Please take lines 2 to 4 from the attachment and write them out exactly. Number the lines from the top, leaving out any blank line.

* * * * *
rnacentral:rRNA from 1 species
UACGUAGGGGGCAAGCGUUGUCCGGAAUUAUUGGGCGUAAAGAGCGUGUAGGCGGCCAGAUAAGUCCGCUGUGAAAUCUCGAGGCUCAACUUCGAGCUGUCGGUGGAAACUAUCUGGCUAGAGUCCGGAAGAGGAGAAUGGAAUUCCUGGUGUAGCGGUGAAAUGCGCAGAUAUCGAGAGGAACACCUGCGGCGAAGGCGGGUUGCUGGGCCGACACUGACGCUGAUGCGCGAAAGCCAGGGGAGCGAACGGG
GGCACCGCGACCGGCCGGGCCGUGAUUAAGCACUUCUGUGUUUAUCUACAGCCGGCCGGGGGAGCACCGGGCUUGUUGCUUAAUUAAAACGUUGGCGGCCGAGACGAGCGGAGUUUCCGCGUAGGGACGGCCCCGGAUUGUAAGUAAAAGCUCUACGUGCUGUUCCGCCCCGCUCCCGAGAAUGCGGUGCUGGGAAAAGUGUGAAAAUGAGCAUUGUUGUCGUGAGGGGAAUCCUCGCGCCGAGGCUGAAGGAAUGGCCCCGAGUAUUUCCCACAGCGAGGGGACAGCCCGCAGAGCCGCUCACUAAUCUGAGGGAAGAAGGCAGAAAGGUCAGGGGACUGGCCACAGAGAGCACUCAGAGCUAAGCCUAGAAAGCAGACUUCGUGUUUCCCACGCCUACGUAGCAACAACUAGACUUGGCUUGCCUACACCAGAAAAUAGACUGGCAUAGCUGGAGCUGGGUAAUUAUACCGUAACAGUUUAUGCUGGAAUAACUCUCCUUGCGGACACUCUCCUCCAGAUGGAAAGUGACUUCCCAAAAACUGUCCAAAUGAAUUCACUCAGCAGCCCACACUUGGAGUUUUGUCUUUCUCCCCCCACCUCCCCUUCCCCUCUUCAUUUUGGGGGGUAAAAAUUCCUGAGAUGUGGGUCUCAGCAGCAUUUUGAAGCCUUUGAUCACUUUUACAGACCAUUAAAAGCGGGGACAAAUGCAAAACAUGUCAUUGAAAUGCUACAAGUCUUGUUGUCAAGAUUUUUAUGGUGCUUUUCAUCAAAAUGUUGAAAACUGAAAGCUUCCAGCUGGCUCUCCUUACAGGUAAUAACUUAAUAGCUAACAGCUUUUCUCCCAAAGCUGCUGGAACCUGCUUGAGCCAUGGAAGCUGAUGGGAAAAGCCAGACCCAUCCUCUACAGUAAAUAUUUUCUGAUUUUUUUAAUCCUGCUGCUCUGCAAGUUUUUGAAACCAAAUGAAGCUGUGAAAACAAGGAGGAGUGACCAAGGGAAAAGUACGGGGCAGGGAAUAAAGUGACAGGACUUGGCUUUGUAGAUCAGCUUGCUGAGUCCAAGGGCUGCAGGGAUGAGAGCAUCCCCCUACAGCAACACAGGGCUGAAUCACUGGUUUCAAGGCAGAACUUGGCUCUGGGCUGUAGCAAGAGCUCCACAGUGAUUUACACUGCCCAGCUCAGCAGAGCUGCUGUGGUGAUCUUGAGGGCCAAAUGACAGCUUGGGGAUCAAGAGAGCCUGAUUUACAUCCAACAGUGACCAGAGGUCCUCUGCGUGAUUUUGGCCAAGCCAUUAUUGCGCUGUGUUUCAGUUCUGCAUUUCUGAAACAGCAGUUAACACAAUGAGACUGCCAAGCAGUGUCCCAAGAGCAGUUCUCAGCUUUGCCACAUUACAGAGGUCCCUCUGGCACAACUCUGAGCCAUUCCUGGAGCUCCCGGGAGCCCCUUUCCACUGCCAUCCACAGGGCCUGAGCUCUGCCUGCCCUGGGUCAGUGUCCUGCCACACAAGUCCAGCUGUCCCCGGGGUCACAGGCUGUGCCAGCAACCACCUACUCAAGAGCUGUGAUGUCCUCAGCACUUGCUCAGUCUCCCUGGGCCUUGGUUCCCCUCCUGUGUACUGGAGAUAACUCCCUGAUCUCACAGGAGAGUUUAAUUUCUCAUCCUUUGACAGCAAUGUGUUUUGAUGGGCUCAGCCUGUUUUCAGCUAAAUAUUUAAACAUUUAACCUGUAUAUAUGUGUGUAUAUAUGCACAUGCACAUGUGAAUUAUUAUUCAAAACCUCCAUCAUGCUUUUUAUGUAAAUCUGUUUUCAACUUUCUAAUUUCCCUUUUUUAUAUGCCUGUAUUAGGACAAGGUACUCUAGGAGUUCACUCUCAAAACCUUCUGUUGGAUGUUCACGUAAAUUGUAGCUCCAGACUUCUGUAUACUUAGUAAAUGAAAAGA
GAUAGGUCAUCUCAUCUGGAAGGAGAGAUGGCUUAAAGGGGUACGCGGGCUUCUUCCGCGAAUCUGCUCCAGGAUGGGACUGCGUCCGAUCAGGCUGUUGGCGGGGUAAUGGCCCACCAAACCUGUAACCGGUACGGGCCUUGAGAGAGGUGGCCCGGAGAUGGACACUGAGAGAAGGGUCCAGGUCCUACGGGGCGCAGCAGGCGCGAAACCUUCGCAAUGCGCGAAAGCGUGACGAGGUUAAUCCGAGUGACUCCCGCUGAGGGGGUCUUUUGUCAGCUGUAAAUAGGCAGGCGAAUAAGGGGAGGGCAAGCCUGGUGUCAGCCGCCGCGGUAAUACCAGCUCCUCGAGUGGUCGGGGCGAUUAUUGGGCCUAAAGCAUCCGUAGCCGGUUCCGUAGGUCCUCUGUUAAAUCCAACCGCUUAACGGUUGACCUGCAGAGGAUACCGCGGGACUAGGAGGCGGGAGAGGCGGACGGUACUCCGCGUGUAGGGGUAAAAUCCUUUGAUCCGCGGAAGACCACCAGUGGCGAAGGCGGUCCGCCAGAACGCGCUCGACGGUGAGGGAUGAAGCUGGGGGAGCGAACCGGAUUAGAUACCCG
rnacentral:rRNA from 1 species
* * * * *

UACGUAGGGGGCAAGCGUUGUCCGGAAUUAUUGGGCGUAAAGAGCGUGUAGGCGGCCAGAUAAGUCCGCUGUGAAAUCUCGAGGCUCAACUUCGAGCUGUCGGUGGAAACUAUCUGGCUAGAGUCCGGAAGAGGAGAAUGGAAUUCCUGGUGUAGCGGUGAAAUGCGCAGAUAUCGAGAGGAACACCUGCGGCGAAGGCGGGUUGCUGGGCCGACACUGACGCUGAUGCGCGAAAGCCAGGGGAGCGAACGGG
GGCACCGCGACCGGCCGGGCCGUGAUUAAGCACUUCUGUGUUUAUCUACAGCCGGCCGGGGGAGCACCGGGCUUGUUGCUUAAUUAAAACGUUGGCGGCCGAGACGAGCGGAGUUUCCGCGUAGGGACGGCCCCGGAUUGUAAGUAAAAGCUCUACGUGCUGUUCCGCCCCGCUCCCGAGAAUGCGGUGCUGGGAAAAGUGUGAAAAUGAGCAUUGUUGUCGUGAGGGGAAUCCUCGCGCCGAGGCUGAAGGAAUGGCCCCGAGUAUUUCCCACAGCGAGGGGACAGCCCGCAGAGCCGCUCACUAAUCUGAGGGAAGAAGGCAGAAAGGUCAGGGGACUGGCCACAGAGAGCACUCAGAGCUAAGCCUAGAAAGCAGACUUCGUGUUUCCCACGCCUACGUAGCAACAACUAGACUUGGCUUGCCUACACCAGAAAAUAGACUGGCAUAGCUGGAGCUGGGUAAUUAUACCGUAACAGUUUAUGCUGGAAUAACUCUCCUUGCGGACACUCUCCUCCAGAUGGAAAGUGACUUCCCAAAAACUGUCCAAAUGAAUUCACUCAGCAGCCCACACUUGGAGUUUUGUCUUUCUCCCCCCACCUCCCCUUCCCCUCUUCAUUUUGGGGGGUAAAAAUUCCUGAGAUGUGGGUCUCAGCAGCAUUUUGAAGCCUUUGAUCACUUUUACAGACCAUUAAAAGCGGGGACAAAUGCAAAACAUGUCAUUGAAAUGCUACAAGUCUUGUUGUCAAGAUUUUUAUGGUGCUUUUCAUCAAAAUGUUGAAAACUGAAAGCUUCCAGCUGGCUCUCCUUACAGGUAAUAACUUAAUAGCUAACAGCUUUUCUCCCAAAGCUGCUGGAACCUGCUUGAGCCAUGGAAGCUGAUGGGAAAAGCCAGACCCAUCCUCUACAGUAAAUAUUUUCUGAUUUUUUUAAUCCUGCUGCUCUGCAAGUUUUUGAAACCAAAUGAAGCUGUGAAAACAAGGAGGAGUGACCAAGGGAAAAGUACGGGGCAGGGAAUAAAGUGACAGGACUUGGCUUUGUAGAUCAGCUUGCUGAGUCCAAGGGCUGCAGGGAUGAGAGCAUCCCCCUACAGCAACACAGGGCUGAAUCACUGGUUUCAAGGCAGAACUUGGCUCUGGGCUGUAGCAAGAGCUCCACAGUGAUUUACACUGCCCAGCUCAGCAGAGCUGCUGUGGUGAUCUUGAGGGCCAAAUGACAGCUUGGGGAUCAAGAGAGCCUGAUUUACAUCCAACAGUGACCAGAGGUCCUCUGCGUGAUUUUGGCCAAGCCAUUAUUGCGCUGUGUUUCAGUUCUGCAUUUCUGAAACAGCAGUUAACACAAUGAGACUGCCAAGCAGUGUCCCAAGAGCAGUUCUCAGCUUUGCCACAUUACAGAGGUCCCUCUGGCACAACUCUGAGCCAUUCCUGGAGCUCCCGGGAGCCCCUUUCCACUGCCAUCCACAGGGCCUGAGCUCUGCCUGCCCUGGGUCAGUGUCCUGCCACACAAGUCCAGCUGUCCCCGGGGUCACAGGCUGUGCCAGCAACCACCUACUCAAGAGCUGUGAUGUCCUCAGCACUUGCUCAGUCUCCCUGGGCCUUGGUUCCCCUCCUGUGUACUGGAGAUAACUCCCUGAUCUCACAGGAGAGUUUAAUUUCUCAUCCUUUGACAGCAAUGUGUUUUGAUGGGCUCAGCCUGUUUUCAGCUAAAUAUUUAAACAUUUAACCUGUAUAUAUGUGUGUAUAUAUGCACAUGCACAUGUGAAUUAUUAUUCAAAACCUCCAUCAUGCUUUUUAUGUAAAUCUGUUUUCAACUUUCUAAUUUCCCUUUUUUAUAUGCCUGUAUUAGGACAAGGUACUCUAGGAGUUCACUCUCAAAACCUUCUGUUGGAUGUUCACGUAAAUUGUAGCUCCAGACUUCUGUAUACUUAGUAAAUGAAAAGA
GAUAGGUCAUCUCAUCUGGAAGGAGAGAUGGCUUAAAGGGGUACGCGGGCUUCUUCCGCGAAUCUGCUCCAGGAUGGGACUGCGUCCGAUCAGGCUGUUGGCGGGGUAAUGGCCCACCAAACCUGUAACCGGUACGGGCCUUGAGAGAGGUGGCCCGGAGAUGGACACUGAGAGAAGGGUCCAGGUCCUACGGGGCGCAGCAGGCGCGAAACCUUCGCAAUGCGCGAAAGCGUGACGAGGUUAAUCCGAGUGACUCCCGCUGAGGGGGUCUUUUGUCAGCUGUAAAUAGGCAGGCGAAUAAGGGGAGGGCAAGCCUGGUGUCAGCCGCCGCGGUAAUACCAGCUCCUCGAGUGGUCGGGGCGAUUAUUGGGCCUAAAGCAUCCGUAGCCGGUUCCGUAGGUCCUCUGUUAAAUCCAACCGCUUAACGGUUGACCUGCAGAGGAUACCGCGGGACUAGGAGGCGGGAGAGGCGGACGGUACUCCGCGUGUAGGGGUAAAAUCCUUUGAUCCGCGGAAGACCACCAGUGGCGAAGGCGGUCCGCCAGAACGCGCUCGACGGUGAGGGAUGAAGCUGGGGGAGCGAACCGGAUUAGAUACCCG